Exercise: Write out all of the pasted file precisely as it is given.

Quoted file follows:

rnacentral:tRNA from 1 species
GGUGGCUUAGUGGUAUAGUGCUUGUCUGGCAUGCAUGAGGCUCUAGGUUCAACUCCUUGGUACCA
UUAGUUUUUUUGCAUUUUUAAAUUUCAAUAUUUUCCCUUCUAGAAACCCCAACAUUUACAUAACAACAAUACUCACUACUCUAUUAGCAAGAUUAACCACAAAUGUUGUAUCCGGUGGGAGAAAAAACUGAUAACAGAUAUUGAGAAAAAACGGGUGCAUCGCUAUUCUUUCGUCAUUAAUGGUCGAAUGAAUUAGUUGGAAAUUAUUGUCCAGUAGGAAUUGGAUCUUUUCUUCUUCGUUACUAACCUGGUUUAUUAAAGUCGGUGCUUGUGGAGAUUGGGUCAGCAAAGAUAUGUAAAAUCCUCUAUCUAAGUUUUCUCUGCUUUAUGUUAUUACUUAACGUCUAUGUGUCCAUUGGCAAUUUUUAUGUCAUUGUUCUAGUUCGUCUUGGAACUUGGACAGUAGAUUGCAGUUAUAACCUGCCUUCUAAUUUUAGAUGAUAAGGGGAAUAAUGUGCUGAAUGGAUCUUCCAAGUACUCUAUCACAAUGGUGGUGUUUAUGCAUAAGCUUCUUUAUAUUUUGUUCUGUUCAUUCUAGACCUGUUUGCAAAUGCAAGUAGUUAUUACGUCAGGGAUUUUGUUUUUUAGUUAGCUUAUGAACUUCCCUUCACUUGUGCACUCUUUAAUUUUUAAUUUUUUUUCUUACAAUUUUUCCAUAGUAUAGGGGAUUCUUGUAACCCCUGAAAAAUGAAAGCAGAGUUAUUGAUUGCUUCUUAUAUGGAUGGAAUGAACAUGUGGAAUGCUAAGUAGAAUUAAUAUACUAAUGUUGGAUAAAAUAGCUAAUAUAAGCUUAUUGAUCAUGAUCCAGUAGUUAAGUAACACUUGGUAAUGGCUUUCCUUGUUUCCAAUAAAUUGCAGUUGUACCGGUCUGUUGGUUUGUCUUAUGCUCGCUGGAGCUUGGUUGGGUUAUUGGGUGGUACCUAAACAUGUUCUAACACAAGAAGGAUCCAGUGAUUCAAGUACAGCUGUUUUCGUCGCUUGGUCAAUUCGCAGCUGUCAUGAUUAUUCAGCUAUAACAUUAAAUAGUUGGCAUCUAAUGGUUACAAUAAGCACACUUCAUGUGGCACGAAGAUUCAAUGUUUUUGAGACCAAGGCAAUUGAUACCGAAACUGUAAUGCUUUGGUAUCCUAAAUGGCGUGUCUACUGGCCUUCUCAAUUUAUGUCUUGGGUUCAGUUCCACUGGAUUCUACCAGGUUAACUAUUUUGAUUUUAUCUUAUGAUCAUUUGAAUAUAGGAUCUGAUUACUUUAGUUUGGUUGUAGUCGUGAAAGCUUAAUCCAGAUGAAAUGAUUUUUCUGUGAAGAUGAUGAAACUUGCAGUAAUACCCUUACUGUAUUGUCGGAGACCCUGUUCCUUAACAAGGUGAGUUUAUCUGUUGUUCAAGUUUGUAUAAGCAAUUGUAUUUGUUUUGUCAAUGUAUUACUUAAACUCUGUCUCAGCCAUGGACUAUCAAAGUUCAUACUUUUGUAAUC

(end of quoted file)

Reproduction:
rnacentral:tRNA from 1 species
GGUGGCUUAGUGGUAUAGUGCUUGUCUGGCAUGCAUGAGGCUCUAGGUUCAACUCCUUGGUACCA
UUAGUUUUUUUGCAUUUUUAAAUUUCAAUAUUUUCCCUUCUAGAAACCCCAACAUUUACAUAACAACAAUACUCACUACUCUAUUAGCAAGAUUAACCACAAAUGUUGUAUCCGGUGGGAGAAAAAACUGAUAACAGAUAUUGAGAAAAAACGGGUGCAUCGCUAUUCUUUCGUCAUUAAUGGUCGAAUGAAUUAGUUGGAAAUUAUUGUCCAGUAGGAAUUGGAUCUUUUCUUCUUCGUUACUAACCUGGUUUAUUAAAGUCGGUGCUUGUGGAGAUUGGGUCAGCAAAGAUAUGUAAAAUCCUCUAUCUAAGUUUUCUCUGCUUUAUGUUAUUACUUAACGUCUAUGUGUCCAUUGGCAAUUUUUAUGUCAUUGUUCUAGUUCGUCUUGGAACUUGGACAGUAGAUUGCAGUUAUAACCUGCCUUCUAAUUUUAGAUGAUAAGGGGAAUAAUGUGCUGAAUGGAUCUUCCAAGUACUCUAUCACAAUGGUGGUGUUUAUGCAUAAGCUUCUUUAUAUUUUGUUCUGUUCAUUCUAGACCUGUUUGCAAAUGCAAGUAGUUAUUACGUCAGGGAUUUUGUUUUUUAGUUAGCUUAUGAACUUCCCUUCACUUGUGCACUCUUUAAUUUUUAAUUUUUUUUCUUACAAUUUUUCCAUAGUAUAGGGGAUUCUUGUAACCCCUGAAAAAUGAAAGCAGAGUUAUUGAUUGCUUCUUAUAUGGAUGGAAUGAACAUGUGGAAUGCUAAGUAGAAUUAAUAUACUAAUGUUGGAUAAAAUAGCUAAUAUAAGCUUAUUGAUCAUGAUCCAGUAGUUAAGUAACACUUGGUAAUGGCUUUCCUUGUUUCCAAUAAAUUGCAGUUGUACCGGUCUGUUGGUUUGUCUUAUGCUCGCUGGAGCUUGGUUGGGUUAUUGGGUGGUACCUAAACAUGUUCUAACACAAGAAGGAUCCAGUGAUUCAAGUACAGCUGUUUUCGUCGCUUGGUCAAUUCGCAGCUGUCAUGAUUAUUCAGCUAUAACAUUAAAUAGUUGGCAUCUAAUGGUUACAAUAAGCACACUUCAUGUGGCACGAAGAUUCAAUGUUUUUGAGACCAAGGCAAUUGAUACCGAAACUGUAAUGCUUUGGUAUCCUAAAUGGCGUGUCUACUGGCCUUCUCAAUUUAUGUCUUGGGUUCAGUUCCACUGGAUUCUACCAGGUUAACUAUUUUGAUUUUAUCUUAUGAUCAUUUGAAUAUAGGAUCUGAUUACUUUAGUUUGGUUGUAGUCGUGAAAGCUUAAUCCAGAUGAAAUGAUUUUUCUGUGAAGAUGAUGAAACUUGCAGUAAUACCCUUACUGUAUUGUCGGAGACCCUGUUCCUUAACAAGGUGAGUUUAUCUGUUGUUCAAGUUUGUAUAAGCAAUUGUAUUUGUUUUGUCAAUGUAUUACUUAAACUCUGUCUCAGCCAUGGACUAUCAAAGUUCAUACUUUUGUAAUC